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Blog Post 11/16

In Zinn’s latest chapter of A People’s History of the United States, Zinn tells the story of the anti-nuclear movement that began in response to the arms race between the United States and the USSR. In this chapter Zinn once again displays how despite our country being supposedly for the people, our leaders often push the populations’ opinion to the wayside. In this case, a vast majority of the US wanted nothing to do with the Cold War and the possibility of nuclear warfare. In fact, hundreds of colleges had meetings discussing this issue along with the largest protest in the history of our country. Despite all of this, President Reagen still went against their best wishes.

Much of the information I read throughout this chapter was new to me. Of course, I had learned about the Cold War and the threat of a possible nuclear fallout, but never anything about the mass disapproval Reagen and presidents before him received for promoting it. It seems that this pattern of the population’s opinion is taken as a grain of salt by its leaders is a common theme throughout our nation’s history and even today. I can’t help but wonder why we are not taught about these moments in greater detail in hopes to regain a sense of unity between the people and their government.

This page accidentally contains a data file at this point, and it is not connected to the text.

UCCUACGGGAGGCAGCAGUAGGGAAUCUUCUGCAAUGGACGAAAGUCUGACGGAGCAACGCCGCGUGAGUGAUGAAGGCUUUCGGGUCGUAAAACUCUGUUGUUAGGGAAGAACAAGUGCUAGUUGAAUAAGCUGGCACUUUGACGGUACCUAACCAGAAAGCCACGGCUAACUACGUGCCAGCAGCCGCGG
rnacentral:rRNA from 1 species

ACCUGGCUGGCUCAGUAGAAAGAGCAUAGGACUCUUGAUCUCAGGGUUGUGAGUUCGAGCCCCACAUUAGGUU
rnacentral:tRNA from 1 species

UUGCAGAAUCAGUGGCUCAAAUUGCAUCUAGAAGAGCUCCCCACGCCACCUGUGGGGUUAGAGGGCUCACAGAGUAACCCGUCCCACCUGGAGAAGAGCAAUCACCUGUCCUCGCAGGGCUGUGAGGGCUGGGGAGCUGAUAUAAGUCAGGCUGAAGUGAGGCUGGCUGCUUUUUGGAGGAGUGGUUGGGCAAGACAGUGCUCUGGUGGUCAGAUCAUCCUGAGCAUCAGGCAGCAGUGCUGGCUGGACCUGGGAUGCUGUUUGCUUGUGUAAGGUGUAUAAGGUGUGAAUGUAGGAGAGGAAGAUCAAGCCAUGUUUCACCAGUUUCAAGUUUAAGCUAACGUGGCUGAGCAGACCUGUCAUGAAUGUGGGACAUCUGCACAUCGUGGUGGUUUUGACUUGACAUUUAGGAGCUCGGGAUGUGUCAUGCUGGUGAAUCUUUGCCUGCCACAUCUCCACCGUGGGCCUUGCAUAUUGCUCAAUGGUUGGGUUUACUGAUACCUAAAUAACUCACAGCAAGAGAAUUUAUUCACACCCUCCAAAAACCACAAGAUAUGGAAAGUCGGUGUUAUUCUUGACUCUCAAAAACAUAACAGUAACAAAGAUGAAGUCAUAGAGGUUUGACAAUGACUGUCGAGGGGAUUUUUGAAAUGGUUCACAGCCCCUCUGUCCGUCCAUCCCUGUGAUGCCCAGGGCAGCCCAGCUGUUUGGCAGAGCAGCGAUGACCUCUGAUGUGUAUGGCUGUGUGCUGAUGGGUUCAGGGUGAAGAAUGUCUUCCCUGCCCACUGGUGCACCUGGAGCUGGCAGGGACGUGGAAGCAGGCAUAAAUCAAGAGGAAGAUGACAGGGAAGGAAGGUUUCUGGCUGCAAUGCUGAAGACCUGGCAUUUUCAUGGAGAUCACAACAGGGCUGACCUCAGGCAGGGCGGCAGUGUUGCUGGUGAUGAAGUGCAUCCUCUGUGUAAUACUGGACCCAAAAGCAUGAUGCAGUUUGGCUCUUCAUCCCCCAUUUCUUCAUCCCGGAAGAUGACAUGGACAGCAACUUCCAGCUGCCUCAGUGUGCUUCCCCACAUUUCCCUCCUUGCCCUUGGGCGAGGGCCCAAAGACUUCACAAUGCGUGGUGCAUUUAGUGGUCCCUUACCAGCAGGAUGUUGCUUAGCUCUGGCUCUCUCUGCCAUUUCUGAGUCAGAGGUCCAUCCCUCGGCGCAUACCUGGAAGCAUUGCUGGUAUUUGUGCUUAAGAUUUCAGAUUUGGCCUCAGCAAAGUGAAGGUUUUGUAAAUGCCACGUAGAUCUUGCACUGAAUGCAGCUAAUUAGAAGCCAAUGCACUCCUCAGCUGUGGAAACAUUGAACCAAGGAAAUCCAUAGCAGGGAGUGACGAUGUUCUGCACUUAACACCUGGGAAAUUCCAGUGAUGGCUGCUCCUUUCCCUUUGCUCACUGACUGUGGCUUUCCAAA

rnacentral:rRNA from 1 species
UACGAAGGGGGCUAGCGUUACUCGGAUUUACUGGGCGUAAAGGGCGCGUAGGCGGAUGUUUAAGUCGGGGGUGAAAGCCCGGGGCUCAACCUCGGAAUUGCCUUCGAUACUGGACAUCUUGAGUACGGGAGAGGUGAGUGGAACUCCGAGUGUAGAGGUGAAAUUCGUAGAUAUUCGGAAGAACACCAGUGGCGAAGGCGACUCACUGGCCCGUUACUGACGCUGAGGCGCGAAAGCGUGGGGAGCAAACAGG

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  1. Sofia Adams Sofia Adams

    I too had no idea of the disapproval of the public during the Cold War. I had always learned that the red scare was felt by everyone and this led to the support of the Cold War. What does this say about what history we learn? It seems that although there is a continuous pattern of public disapproval of wars or the presidents/governments action. Why don’t we every discuss that in school?

  2. Christina Glynn Christina Glynn

    I agree I had no idea about the opposition towards weaponry during the Cold War. I also was surprised about the disapproval of Bush and Raegan.

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